Seaweed benefits your health in so many ways which makes me wonder why so many people I've spoken too said that the only seaweed they've ever seen was on the beach. But not that they would consider eating vegetables from the sea. Except, maybe that green stuff wrapped around their sushi rolls. Little do they realise that this algae has immense healing powers. And did you know that eating sea vegetables regularly can be a valuable source of essential vitamins and minerals, many of which aren't even found in the other foods we consume? Sea vegetables can help inhibit tumour growth and they can also boost immunity and prevent macular degeneration.
Whether you call it seaweed or sea vegetable, they contain some mighty protective compounds that could help ward off some serious health threats, especially in the case of cancer. People sometimes make fun of me when I tell them that I'm going to a Japanese sushi bar to get my medicine in the form of Miso, a soup with seaweed. I always look at it as part of my healthy eating program. Miso is a traditional Japanese paste made from fermented soya beans and is rich in health-giving properties. The soup is usually accompanied by a seaweed known as wakame but it can also come with other ingredients such as tofu, mushrooms, spring onions or a variety of other vegetables.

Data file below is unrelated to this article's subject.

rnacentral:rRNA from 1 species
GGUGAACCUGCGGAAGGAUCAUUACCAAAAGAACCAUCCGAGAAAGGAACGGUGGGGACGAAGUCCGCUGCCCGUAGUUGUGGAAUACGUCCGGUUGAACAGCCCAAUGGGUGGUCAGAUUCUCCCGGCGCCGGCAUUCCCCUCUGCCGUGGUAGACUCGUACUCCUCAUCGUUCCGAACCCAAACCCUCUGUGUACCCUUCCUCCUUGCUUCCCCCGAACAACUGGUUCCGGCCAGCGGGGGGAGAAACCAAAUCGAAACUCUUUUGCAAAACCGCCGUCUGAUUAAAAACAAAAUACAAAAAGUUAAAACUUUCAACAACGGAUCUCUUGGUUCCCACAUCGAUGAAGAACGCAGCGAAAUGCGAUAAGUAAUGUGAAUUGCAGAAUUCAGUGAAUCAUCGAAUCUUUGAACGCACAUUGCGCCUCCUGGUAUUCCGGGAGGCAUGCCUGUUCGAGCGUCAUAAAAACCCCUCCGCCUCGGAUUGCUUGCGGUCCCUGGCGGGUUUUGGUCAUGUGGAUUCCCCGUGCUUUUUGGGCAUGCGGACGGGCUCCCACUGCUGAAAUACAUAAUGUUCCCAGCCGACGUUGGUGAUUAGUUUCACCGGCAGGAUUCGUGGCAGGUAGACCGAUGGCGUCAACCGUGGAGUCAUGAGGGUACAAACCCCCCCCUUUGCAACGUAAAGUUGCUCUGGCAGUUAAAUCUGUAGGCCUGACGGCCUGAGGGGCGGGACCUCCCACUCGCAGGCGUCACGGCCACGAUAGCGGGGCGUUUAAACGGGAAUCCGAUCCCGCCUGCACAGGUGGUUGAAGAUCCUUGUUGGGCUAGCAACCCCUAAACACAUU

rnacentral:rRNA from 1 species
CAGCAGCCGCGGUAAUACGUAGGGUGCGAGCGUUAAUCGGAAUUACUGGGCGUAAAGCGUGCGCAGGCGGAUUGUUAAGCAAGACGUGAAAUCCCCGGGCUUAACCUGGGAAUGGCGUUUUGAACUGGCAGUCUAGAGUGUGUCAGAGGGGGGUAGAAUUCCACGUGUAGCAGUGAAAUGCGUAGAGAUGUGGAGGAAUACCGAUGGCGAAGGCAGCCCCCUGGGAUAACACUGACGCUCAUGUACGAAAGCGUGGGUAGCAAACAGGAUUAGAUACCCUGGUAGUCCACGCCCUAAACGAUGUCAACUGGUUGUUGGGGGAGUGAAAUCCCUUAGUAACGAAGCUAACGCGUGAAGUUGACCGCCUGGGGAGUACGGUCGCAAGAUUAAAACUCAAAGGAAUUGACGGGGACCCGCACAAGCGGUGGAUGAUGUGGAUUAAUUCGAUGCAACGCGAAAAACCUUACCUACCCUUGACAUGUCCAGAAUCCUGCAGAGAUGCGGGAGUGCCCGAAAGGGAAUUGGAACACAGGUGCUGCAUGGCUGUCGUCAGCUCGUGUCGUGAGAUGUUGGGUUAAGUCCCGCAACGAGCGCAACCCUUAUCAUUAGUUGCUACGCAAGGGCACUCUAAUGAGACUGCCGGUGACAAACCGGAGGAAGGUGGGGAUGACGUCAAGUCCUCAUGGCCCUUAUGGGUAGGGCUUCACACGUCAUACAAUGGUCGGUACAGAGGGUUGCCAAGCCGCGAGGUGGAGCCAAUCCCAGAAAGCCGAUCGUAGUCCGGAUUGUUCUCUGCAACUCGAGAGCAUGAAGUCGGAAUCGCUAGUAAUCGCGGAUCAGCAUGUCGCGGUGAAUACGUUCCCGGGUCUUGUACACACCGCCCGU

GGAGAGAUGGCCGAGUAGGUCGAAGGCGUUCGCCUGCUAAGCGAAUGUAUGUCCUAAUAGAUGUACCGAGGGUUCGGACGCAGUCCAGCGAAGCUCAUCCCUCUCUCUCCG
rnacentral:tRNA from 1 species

Not only is miso soup made with wakame seaweed delicious, but it's extremely good for your health. Also, there's no need to worry about the taste of the sea. You won't even notice it. And because miso is a fermented food, your stomach acid doesn't have to work as hard to break down its enzymes. As a bonus, especially for vegetarians and vegans, Japanese miso is said to contain small amounts of vitamin B12, a nutrient most commonly found in meat and meat products. So, when next, you visit a sushi bar near you, ask your waitron to serve you some Miso Soup.
It might look a little odd and it may taste weird but seaweed is good for you and it has numerous health benefits. We're not just talking about the kind of stuff you find at your local sushi bar. I'm talking about the super seaweed stuff. While I haven't yet proved it but I'm almost sure that "seaweed" or "sea vegetables", was the first food we as a human species ate. Now as weird as it may look or taste, you need to give it a try sometime.